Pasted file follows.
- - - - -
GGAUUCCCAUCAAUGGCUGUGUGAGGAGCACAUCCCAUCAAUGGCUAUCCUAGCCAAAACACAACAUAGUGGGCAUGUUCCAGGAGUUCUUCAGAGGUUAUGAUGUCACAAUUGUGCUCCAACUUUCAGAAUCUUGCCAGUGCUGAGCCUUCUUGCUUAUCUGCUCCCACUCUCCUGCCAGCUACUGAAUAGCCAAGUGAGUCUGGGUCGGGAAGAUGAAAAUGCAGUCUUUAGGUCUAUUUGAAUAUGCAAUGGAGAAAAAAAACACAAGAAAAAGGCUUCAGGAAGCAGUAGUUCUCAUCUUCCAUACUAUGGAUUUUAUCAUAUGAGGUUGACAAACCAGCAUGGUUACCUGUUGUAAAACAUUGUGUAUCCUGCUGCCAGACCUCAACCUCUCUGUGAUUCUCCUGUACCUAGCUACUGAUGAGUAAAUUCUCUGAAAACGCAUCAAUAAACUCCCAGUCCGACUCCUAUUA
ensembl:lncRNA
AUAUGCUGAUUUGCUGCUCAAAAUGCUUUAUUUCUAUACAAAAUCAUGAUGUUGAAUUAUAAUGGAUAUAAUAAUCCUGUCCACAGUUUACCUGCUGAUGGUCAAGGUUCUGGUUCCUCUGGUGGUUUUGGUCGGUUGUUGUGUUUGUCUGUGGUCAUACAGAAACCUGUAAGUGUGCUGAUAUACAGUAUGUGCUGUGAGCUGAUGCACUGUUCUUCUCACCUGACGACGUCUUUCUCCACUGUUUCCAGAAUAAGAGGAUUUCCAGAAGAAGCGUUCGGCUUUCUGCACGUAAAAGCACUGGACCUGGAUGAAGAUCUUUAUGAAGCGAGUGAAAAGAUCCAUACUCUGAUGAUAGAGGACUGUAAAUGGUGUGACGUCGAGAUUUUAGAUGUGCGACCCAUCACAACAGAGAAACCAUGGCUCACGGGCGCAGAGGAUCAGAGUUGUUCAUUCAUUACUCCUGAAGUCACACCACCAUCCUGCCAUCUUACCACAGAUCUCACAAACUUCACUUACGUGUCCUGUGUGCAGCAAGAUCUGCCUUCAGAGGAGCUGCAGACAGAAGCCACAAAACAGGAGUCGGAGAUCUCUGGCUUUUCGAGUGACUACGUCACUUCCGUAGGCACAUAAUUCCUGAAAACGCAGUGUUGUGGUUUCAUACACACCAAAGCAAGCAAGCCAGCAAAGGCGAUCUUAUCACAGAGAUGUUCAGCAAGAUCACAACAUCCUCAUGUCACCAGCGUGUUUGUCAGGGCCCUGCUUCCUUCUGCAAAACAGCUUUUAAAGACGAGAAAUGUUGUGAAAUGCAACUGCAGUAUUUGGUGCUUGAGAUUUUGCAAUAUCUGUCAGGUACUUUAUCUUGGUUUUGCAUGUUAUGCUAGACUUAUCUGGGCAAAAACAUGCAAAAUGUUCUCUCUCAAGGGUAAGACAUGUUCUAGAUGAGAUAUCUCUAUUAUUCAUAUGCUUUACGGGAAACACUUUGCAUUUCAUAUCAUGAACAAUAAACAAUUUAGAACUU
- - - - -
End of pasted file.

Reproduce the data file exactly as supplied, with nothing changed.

GGAUUCCCAUCAAUGGCUGUGUGAGGAGCACAUCCCAUCAAUGGCUAUCCUAGCCAAAACACAACAUAGUGGGCAUGUUCCAGGAGUUCUUCAGAGGUUAUGAUGUCACAAUUGUGCUCCAACUUUCAGAAUCUUGCCAGUGCUGAGCCUUCUUGCUUAUCUGCUCCCACUCUCCUGCCAGCUACUGAAUAGCCAAGUGAGUCUGGGUCGGGAAGAUGAAAAUGCAGUCUUUAGGUCUAUUUGAAUAUGCAAUGGAGAAAAAAAACACAAGAAAAAGGCUUCAGGAAGCAGUAGUUCUCAUCUUCCAUACUAUGGAUUUUAUCAUAUGAGGUUGACAAACCAGCAUGGUUACCUGUUGUAAAACAUUGUGUAUCCUGCUGCCAGACCUCAACCUCUCUGUGAUUCUCCUGUACCUAGCUACUGAUGAGUAAAUUCUCUGAAAACGCAUCAAUAAACUCCCAGUCCGACUCCUAUUA
ensembl:lncRNA
AUAUGCUGAUUUGCUGCUCAAAAUGCUUUAUUUCUAUACAAAAUCAUGAUGUUGAAUUAUAAUGGAUAUAAUAAUCCUGUCCACAGUUUACCUGCUGAUGGUCAAGGUUCUGGUUCCUCUGGUGGUUUUGGUCGGUUGUUGUGUUUGUCUGUGGUCAUACAGAAACCUGUAAGUGUGCUGAUAUACAGUAUGUGCUGUGAGCUGAUGCACUGUUCUUCUCACCUGACGACGUCUUUCUCCACUGUUUCCAGAAUAAGAGGAUUUCCAGAAGAAGCGUUCGGCUUUCUGCACGUAAAAGCACUGGACCUGGAUGAAGAUCUUUAUGAAGCGAGUGAAAAGAUCCAUACUCUGAUGAUAGAGGACUGUAAAUGGUGUGACGUCGAGAUUUUAGAUGUGCGACCCAUCACAACAGAGAAACCAUGGCUCACGGGCGCAGAGGAUCAGAGUUGUUCAUUCAUUACUCCUGAAGUCACACCACCAUCCUGCCAUCUUACCACAGAUCUCACAAACUUCACUUACGUGUCCUGUGUGCAGCAAGAUCUGCCUUCAGAGGAGCUGCAGACAGAAGCCACAAAACAGGAGUCGGAGAUCUCUGGCUUUUCGAGUGACUACGUCACUUCCGUAGGCACAUAAUUCCUGAAAACGCAGUGUUGUGGUUUCAUACACACCAAAGCAAGCAAGCCAGCAAAGGCGAUCUUAUCACAGAGAUGUUCAGCAAGAUCACAACAUCCUCAUGUCACCAGCGUGUUUGUCAGGGCCCUGCUUCCUUCUGCAAAACAGCUUUUAAAGACGAGAAAUGUUGUGAAAUGCAACUGCAGUAUUUGGUGCUUGAGAUUUUGCAAUAUCUGUCAGGUACUUUAUCUUGGUUUUGCAUGUUAUGCUAGACUUAUCUGGGCAAAAACAUGCAAAAUGUUCUCUCUCAAGGGUAAGACAUGUUCUAGAUGAGAUAUCUCUAUUAUUCAUAUGCUUUACGGGAAACACUUUGCAUUUCAUAUCAUGAACAAUAAACAAUUUAGAACUU